Story and photos: Australia Tibet Council
December 10th saw over 200 Tibetans and Tibet supporters from across Australia gather in Canberra for a vibrant and colourful day of action to mark International Human Rights Day.
The day began with a lively and eventful protest outside the Chinese Embassy. After traditional songs and prayers, Tibetan community leaders read statements calling on the Chinese government to meet the Dalai Lama, end their policies of repression and discrimination and allow meaningful autonomy in Tibet.
The protest was followed by a march along Commonwealth Avenue to Garema Place for a lunchtime rally in the centre of Canberra. Representatives from the Tibetan Community and ATC spoke passionately about the current situation in Tibet, highlighting Tibetans’ daily struggle for human rights and basic freedoms, as well as the protection of their unique and fragile environment. Some shared personal stories of imprisonment, torture, humiliation and other extraordinary hardships that they or their families had endured under the current Chinese regime.
The protest at the embassy drew interest from local radio, television and newspapers. By mid afternoon stories had appeared on major online news services including the Sydney Morning Herald, The Age and the Daily Telegraph. Camera crews from Channel Nine, SBS and AAP were on hand to record the action. By Tuesday morning, news has appeared on many internet sites across India. Image ATC’s Simon Bradshaw “This is a fantastic boost to our Olympics campaign and a testimony to the passion and spirit within Australia’s Tibetan communities,” said Simon Bradshaw, ATC Campaigns Coordinator.
The events in Canberra were organized by the Tibetan communities of ACT, NSW, and Victoria, with the Australia Tibet Council providing support with logistics and media liaison.
“Australia’s Tibetans have sent a clear and confronting message to the Chinese government. Tibetans in exile will not be silent while those inside Tibet continue to face repression, extreme economic marginalisation and destruction of their environment,” said Paul Bourke, ATC’s Executive Officer.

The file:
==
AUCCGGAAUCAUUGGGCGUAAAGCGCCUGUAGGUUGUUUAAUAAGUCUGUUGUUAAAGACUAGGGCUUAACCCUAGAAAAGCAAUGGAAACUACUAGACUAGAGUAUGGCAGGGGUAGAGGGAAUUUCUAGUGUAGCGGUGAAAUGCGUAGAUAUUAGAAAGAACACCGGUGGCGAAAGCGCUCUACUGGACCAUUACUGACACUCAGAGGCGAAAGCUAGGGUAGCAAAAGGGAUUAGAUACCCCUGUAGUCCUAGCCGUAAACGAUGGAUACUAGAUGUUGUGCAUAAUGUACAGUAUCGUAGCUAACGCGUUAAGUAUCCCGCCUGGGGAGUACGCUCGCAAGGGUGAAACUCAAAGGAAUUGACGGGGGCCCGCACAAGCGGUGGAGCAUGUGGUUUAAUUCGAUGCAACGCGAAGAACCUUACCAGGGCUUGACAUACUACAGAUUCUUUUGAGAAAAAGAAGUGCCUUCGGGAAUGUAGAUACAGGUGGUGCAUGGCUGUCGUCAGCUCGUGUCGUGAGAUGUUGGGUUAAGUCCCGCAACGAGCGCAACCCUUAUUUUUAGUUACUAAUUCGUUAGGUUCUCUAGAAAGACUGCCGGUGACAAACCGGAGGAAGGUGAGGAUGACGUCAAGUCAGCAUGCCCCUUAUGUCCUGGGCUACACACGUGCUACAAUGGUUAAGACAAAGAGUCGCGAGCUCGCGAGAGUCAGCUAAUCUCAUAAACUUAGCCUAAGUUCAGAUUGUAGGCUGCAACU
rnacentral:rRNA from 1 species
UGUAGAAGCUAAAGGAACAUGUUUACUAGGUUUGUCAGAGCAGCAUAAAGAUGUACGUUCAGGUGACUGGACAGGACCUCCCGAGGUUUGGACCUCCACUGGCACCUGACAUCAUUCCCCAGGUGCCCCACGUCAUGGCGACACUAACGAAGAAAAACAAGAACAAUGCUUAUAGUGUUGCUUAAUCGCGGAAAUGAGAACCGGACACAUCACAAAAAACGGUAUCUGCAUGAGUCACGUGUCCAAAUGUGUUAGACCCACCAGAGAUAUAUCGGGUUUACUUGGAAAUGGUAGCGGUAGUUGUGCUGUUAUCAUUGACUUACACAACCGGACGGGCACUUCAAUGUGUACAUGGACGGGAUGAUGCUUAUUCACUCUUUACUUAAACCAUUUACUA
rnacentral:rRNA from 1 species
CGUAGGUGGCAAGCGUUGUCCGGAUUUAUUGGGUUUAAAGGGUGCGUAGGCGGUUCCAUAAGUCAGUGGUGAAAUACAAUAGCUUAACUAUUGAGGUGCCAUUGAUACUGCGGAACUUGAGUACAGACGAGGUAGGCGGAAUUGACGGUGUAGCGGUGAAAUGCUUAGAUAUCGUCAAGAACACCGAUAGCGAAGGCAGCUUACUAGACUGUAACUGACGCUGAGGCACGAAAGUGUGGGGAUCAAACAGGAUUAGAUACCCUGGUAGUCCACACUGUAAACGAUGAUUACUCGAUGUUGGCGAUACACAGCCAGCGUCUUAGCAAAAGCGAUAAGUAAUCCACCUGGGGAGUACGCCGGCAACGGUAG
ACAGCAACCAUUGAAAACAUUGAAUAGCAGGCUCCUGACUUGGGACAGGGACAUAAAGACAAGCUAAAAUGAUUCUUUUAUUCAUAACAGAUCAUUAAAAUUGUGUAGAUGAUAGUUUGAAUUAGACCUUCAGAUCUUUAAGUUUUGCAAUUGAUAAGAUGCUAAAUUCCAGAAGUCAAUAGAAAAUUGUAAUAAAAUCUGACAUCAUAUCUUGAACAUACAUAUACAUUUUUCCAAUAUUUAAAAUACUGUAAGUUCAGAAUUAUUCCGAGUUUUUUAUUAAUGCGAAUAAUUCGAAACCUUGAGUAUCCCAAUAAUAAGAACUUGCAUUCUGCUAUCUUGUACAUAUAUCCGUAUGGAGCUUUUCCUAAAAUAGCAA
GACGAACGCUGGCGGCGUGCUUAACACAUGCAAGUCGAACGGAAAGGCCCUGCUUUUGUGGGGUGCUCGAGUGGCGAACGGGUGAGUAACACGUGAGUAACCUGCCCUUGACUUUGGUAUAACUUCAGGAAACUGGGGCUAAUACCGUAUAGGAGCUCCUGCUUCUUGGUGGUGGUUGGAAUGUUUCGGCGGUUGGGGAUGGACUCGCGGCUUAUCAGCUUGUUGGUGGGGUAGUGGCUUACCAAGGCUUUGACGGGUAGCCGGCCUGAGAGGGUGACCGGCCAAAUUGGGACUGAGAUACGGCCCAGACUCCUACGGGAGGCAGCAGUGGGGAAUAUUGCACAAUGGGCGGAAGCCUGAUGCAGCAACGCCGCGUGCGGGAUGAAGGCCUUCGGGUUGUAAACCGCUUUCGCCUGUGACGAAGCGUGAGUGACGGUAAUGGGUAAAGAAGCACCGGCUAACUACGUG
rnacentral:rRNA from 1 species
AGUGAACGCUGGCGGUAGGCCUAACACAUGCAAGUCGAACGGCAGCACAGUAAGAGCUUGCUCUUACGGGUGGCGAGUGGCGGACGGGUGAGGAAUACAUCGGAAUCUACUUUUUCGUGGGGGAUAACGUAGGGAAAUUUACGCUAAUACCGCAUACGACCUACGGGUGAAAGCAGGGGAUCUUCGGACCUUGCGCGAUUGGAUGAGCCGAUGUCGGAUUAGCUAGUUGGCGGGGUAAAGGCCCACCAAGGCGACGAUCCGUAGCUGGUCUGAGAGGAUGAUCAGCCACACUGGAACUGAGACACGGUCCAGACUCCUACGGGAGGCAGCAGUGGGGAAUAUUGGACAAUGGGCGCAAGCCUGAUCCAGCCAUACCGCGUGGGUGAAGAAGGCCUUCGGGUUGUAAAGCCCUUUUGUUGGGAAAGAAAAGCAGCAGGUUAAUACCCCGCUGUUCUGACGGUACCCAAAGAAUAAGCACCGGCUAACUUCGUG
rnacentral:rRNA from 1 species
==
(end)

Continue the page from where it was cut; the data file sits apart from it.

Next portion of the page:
Despite China’s promise to the international community of improvements in human rights ahead of the Beijing Olympics next August, recent months have seen increased repression inside Tibet, heightened media censorship and vehement criticism of the Dalai Lama by the Chinese authorities.
During the morning’s protest, representatives from each of Australia’s Tibetan communities attempted to deliver a letter to the Chinese Embassy outlining their deep concern over these recent trends. Embassy officials refused, prompting emotional pleas from many of those gathered. Clearly exasperated, a large group rushed towards the embassy, making sure their message reached those inside. There were tears and impassioned cries but no violence or arrests, with the younger Tibetans and community leaders managing to console and restrain the crowd.
“Tibetans have never strayed from their commitment to non-violence and compassion. But we must remember that many Tibetans exiled in Australia have faced imprisonment, torture and forced labour at the hands of the Chinese government. They have been separated from their families and witnessed decades of systematic attacks upon their precious culture and heritage. It is inevitable the emotions will run high on an occasion such as this,” said Tsewang Thupten, a Canberra Tibetan and organiser of the day of action.
December 10th, International Human Rights Day, marks the anniversary of the adoption of the Universal Declaration of Human Rights by the United Nations. The day carries a further special meaning for Tibetans, being the anniversary of the Dalai Lama’s 1989 Nobel Peace Prize. Exiled Tibetan communities and their supporters all over the world gathered outside their local Chinese embassies to protest at over fifty years of human rights violation in Tibet.
ATC will be working with Australia’s Tibetan communities throughout the coming year to highlight the situation in Tibet, build support for Tibet in Australia and encourage China to allow meaningful autonomy in Tibet.